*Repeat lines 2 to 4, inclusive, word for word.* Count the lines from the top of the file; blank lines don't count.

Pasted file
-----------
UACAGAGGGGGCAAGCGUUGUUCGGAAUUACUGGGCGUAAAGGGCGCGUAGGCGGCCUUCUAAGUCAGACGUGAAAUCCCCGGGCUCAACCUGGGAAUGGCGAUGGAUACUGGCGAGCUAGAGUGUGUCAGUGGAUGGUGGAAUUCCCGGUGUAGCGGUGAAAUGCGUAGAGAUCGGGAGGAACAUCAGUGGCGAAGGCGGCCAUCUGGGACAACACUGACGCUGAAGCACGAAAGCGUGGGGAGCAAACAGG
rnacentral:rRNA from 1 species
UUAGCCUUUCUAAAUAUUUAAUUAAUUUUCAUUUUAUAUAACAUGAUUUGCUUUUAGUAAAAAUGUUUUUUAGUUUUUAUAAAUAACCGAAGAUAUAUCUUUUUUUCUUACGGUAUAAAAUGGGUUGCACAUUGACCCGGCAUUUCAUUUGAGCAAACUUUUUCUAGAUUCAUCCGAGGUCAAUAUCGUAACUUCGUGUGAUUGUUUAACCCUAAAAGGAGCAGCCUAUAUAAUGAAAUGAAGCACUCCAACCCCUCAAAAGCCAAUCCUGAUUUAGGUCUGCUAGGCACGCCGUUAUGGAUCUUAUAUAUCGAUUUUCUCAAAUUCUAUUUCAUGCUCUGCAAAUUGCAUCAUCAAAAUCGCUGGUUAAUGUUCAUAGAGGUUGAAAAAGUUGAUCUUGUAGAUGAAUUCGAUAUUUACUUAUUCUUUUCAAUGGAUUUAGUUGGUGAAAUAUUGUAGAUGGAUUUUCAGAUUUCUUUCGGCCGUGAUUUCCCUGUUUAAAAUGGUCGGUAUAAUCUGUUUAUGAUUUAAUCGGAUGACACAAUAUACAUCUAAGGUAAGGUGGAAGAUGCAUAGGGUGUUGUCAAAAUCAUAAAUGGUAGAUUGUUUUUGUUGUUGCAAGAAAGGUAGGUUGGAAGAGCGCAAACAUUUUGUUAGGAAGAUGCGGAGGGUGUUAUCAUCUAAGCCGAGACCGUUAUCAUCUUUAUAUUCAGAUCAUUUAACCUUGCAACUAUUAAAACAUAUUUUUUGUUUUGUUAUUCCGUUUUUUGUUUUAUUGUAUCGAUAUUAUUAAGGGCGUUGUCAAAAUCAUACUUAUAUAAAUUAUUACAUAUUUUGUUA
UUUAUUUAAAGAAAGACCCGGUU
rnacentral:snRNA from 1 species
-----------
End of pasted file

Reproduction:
rnacentral:rRNA from 1 species
UUAGCCUUUCUAAAUAUUUAAUUAAUUUUCAUUUUAUAUAACAUGAUUUGCUUUUAGUAAAAAUGUUUUUUAGUUUUUAUAAAUAACCGAAGAUAUAUCUUUUUUUCUUACGGUAUAAAAUGGGUUGCACAUUGACCCGGCAUUUCAUUUGAGCAAACUUUUUCUAGAUUCAUCCGAGGUCAAUAUCGUAACUUCGUGUGAUUGUUUAACCCUAAAAGGAGCAGCCUAUAUAAUGAAAUGAAGCACUCCAACCCCUCAAAAGCCAAUCCUGAUUUAGGUCUGCUAGGCACGCCGUUAUGGAUCUUAUAUAUCGAUUUUCUCAAAUUCUAUUUCAUGCUCUGCAAAUUGCAUCAUCAAAAUCGCUGGUUAAUGUUCAUAGAGGUUGAAAAAGUUGAUCUUGUAGAUGAAUUCGAUAUUUACUUAUUCUUUUCAAUGGAUUUAGUUGGUGAAAUAUUGUAGAUGGAUUUUCAGAUUUCUUUCGGCCGUGAUUUCCCUGUUUAAAAUGGUCGGUAUAAUCUGUUUAUGAUUUAAUCGGAUGACACAAUAUACAUCUAAGGUAAGGUGGAAGAUGCAUAGGGUGUUGUCAAAAUCAUAAAUGGUAGAUUGUUUUUGUUGUUGCAAGAAAGGUAGGUUGGAAGAGCGCAAACAUUUUGUUAGGAAGAUGCGGAGGGUGUUAUCAUCUAAGCCGAGACCGUUAUCAUCUUUAUAUUCAGAUCAUUUAACCUUGCAACUAUUAAAACAUAUUUUUUGUUUUGUUAUUCCGUUUUUUGUUUUAUUGUAUCGAUAUUAUUAAGGGCGUUGUCAAAAUCAUACUUAUAUAAAUUAUUACAUAUUUUGUUA
UUUAUUUAAAGAAAGACCCGGUU